At 80” x 80”, the V-Flat has more surface area to bounce light as opposed to the medium softbox. A larger surface area means a softer light. Because of this, the V-Flat automatically creates a softer, flatter light with shadows that aren’t as deep. The light won’t be as directional or dramatic as the softbox. 

Understanding Color Temperature According to the Kelvin Scale

Looking at a side-by-side comparison, the difference in color temperature stands out first and foremost. As stated before, the softbox produces a warmer (yellow-toned) image and the V-Flat produces a cooler (slightly blue-toned) image.

In case you’re not familiar with how color temperature is measured in photography, the Kelvin (K) scale is the standard used to measure color temperature (how warm/yellow or cool/blue the light is). If you’re not well-versed in this, play around with it. Your camera most likely has a white balance option marked with a “K” if it doesn’t say “Kelvin.” Most cameras run a Kelvin scale of about 2000K to 10,000K. Candles are typically around 2000K (very warm, yellow light) while daylight is anywhere between 5000K-6500K (white to blue light).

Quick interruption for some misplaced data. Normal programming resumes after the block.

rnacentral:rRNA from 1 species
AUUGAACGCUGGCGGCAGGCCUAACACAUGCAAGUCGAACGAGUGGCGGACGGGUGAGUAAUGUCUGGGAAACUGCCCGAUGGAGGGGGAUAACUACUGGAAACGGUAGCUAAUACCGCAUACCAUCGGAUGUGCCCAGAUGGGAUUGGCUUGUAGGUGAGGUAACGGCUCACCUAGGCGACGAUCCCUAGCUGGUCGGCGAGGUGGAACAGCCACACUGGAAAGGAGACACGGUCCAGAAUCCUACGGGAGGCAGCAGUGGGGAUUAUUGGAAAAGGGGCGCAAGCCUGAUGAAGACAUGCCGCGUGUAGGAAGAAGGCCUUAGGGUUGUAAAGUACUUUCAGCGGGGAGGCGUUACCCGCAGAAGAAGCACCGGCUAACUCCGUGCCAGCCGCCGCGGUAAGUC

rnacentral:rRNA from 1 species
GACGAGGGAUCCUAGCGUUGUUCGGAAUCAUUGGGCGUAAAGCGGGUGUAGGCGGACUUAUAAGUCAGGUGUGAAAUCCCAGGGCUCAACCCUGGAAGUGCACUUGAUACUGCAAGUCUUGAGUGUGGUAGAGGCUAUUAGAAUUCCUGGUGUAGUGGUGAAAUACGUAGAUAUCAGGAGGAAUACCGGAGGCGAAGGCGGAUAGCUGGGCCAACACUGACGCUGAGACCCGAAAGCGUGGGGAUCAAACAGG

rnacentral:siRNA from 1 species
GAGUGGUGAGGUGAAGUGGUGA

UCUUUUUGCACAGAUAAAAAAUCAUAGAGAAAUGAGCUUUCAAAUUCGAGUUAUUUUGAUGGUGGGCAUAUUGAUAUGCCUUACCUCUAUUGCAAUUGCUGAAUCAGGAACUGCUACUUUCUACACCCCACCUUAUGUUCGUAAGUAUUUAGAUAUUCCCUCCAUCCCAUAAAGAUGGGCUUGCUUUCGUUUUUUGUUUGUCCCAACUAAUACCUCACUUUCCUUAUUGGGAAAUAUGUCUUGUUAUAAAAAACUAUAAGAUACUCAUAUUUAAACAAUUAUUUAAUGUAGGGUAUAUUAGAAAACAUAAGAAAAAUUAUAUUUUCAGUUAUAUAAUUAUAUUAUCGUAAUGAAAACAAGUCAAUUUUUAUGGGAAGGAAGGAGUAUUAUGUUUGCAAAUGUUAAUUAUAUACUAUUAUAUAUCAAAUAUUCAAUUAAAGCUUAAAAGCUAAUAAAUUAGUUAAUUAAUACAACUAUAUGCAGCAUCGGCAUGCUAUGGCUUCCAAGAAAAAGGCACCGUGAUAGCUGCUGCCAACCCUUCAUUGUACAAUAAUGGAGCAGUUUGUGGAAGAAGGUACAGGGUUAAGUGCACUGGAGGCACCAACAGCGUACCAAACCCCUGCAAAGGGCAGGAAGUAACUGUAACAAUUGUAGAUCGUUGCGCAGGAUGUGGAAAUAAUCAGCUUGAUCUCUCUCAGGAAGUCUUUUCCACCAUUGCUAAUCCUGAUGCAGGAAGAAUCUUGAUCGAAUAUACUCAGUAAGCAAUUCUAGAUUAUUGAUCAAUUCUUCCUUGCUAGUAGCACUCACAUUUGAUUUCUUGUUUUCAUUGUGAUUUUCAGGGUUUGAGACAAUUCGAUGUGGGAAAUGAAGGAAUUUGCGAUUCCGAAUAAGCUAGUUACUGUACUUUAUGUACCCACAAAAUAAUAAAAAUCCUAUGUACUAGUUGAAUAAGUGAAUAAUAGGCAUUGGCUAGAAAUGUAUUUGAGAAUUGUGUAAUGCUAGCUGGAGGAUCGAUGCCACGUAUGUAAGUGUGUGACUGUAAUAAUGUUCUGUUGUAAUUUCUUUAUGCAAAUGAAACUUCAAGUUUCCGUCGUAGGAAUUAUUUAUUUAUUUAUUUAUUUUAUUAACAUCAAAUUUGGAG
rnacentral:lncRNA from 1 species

If you’ve ever bought “daylight balanced” light bulbs at Home Depot, you might’ve noticed a spec listed on the outside of the box that says something like “5000K.” That’s the same thing we’re talking about here. If you want warmer lights inside your home, say, for your bedside lamp, then choose a bulb that has a lower Kelvin number on the outside of the box. You’ll want something with a rating that’s a lot less than a 5000K daylight balanced bulb. The package will typically say something like “2000K” or “2700K.”

Manually adjusting your white balance in camera according to the Kelvin scale fine-tunes your imagery and gets it to the tone you want. Just remember that the lower the number on the Kelvin scale, the more yellow and warm the light. The higher the number, the bluer and cooler the light.

Comparing the Shadows in a Side by Side Comparison of Images Made With a Softbox vs a V-Flat